The lab interests are diverse, yet there is a common goal: we seek to intertwingle computation with experiment in order to improve our understanding of biology. We intersect with a number of fields, both new and old, including developmental biology, molecular biology, bioinformatics, regulatory genomics, metagenomics, and next-generation sequencing data.
Grant proposals and formal writeups:
- 2012 / Next-gen course, NIH R25
- 2012 / NSF Office of Cyberinfrastructure proposal, Materials and Workshops for Cyberinfrastructure Education in Biology supplement to BEACON. (funded)
- 2012 / NSF CAREER proposal, Assembling Extremely Large Metagenomes
- 2012 / NSF BIGDATA proposal, Low-memory Streaming Prefilters for Biological Sequencing Data
- 2012 / Moore Foundation proposal on marine metagenomics
- arXiv paper: A Reference-Free Algorithm for Computational Normalization of Shotgun Sequencing Data, submitted to PLoS One; see cover letter, too.
- Paper draft: Scaling metagenome sequence assembly with probabilistic de Bruijn graphs
- 2011 / NSF CAREER proposal: "Scaling and Improving de Bruijn graph assembly"
- 2011 / Reappointment
- 2010 / Next-gen course, NIH R25
- 2009 / Web tools for next-gen sequence analysis
- 2007 / Cartwheel
- Neural crest specification in early vertebrate embryogenesis.
- Next-generation sequence analysis.
- Evolutionary developmental biology.
- Animal regulatory genomics.
- Microbial regulatory genomics.
- Evolutionary sequence signatures.
- Software engineering methodologies.
A renewal request for our summer course on next-gen sequence analysis; see the initial proposal, from 2010, below. This one is way better :)
Authors: C. Titus Brown, Adina Howe, Qingpeng Zhang, Alexis B. Pyrkosz, Timothy H. Brown.
Authors: Jason Pell, Arend Hintze, Rosangela Canino-Koning, Adina Howe, James M. Tiedje, C. Titus Brown.
My first senior author paper!!
Submitted to PNAS on Dec 28th, 2011 (cover letter) and accepted in July, 2012.
My (rejected) grant proposal to work on de Bruijn graph filtering/breakdown approaches for de novo assembly.
"Dear MSU, please do not fire me. I will be good, I promise." A writeup of what I have accomplished and what I hope to accomplish as a professor, and why MSU should keep me around.
(They believed me; I'm hired through 2015.)
Our (accepted) grant proposal to support our summer course on next-gen sequence analysis.
Our (accepted) grant proposal to build an easy-to-use Web interface for next-gen sequence analysis. (USDA NIFA)
A (rejected) grant proposal on the need for easy-to-use Web interfaces for comparative sequence analysis. (NIH R01)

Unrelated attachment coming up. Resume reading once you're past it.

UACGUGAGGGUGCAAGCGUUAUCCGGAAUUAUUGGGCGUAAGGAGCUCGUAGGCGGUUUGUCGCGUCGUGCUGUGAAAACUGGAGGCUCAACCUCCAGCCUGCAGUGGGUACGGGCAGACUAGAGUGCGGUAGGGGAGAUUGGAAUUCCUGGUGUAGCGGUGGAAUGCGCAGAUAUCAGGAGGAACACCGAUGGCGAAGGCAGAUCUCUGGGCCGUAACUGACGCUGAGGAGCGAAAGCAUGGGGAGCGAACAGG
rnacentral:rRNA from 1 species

A brief write-up of some of our interests
The neural crest is an important developmental tissue that is specified early on in embryogenesis. We seek to understand the molecular events underlying this specification, using both molecular and embryological techniques, and integrate it with sequence data to produce a gene network model for neural crest specification. (This is our primary experimental focus.)
Advances in sequencing have led to a data tsunami, necessitating advances in algorithms, approaches, and training. We are working on advanced techniques in de Bruijn graph assembly and k-mer-based data set filtering, to apply de novo assembly approaches in metagenomics, mRNAseq, and environmental genomes; one particular emphasis is in adapting de novo assembly to work well within the constraints of the Amazon cloud. We also teach a yearly summer course. (Collaborations with Li lab, Cheng lab, and many others.) This is our primary computational focus.
Most (99% or more) of microbes cannot be cultured in the lab, yet many microbes play important environmental or medical roles. Metagenomics seeks to understand microbial communities by making use of new sequencing technologies to sequence unculturable organisms, yet this data cannot be easily grokked. We are interested in computational ways to analyze and understand metagenomic data. (Collaborations with Schmidt, Tiedje labs.)
The Molgulid ascidians are a fascinating group of invertebrate chordates that have repeatedly and independently lost their larval tails, which is otherwise rare in the ascidians. We seek to understand the genomic modifications that have made this possible, and build a detailed molecular understanding of the tail development network in Molgulids. We are applying modern sequencing techniques to investigate gene expression in M. oculata (tailed), M. occulta (tailed), and hybrids between the two. (Collaboration with Swalla lab at U. Washington, Seattle.)
Much of early development is "hard wired" in the genome's regulatory elements. Finding and analyzing regulatory elements in animal genomes can be very difficult, given the large size and complexity of these genomes. We are building tools to help detect, visualize and analyze regulatory elements.
Gene regulation is an important part of microbial physiology, yet we still know relatively little about finding and studying regulatory elements computationally in microbes. The smaller size of microbial genomes makes locating transcription factor binding sites easier, but validation still requires difficult experiments. We are particularly interested in techniques for testing the internal consistency of binding site predictions.
As genomes evolve, different selection pressures are brought to bear upon the various functional elements. These functional elements can often be recognized computationally from the signature left by evolution. We are interested in using such signatures to computationally find novel genes and regulatory elements.
A critical component of modern biologiy is digesting and integrating data from multiple sources, both local (e.g. lab data, collaborator data) and remote (NCBI, ENSEMBL, UCSC, other genome databases). This research depends on extensive re-use and maintenance of old software tools as well as development of new software tools, a traditional challenge of software engineering.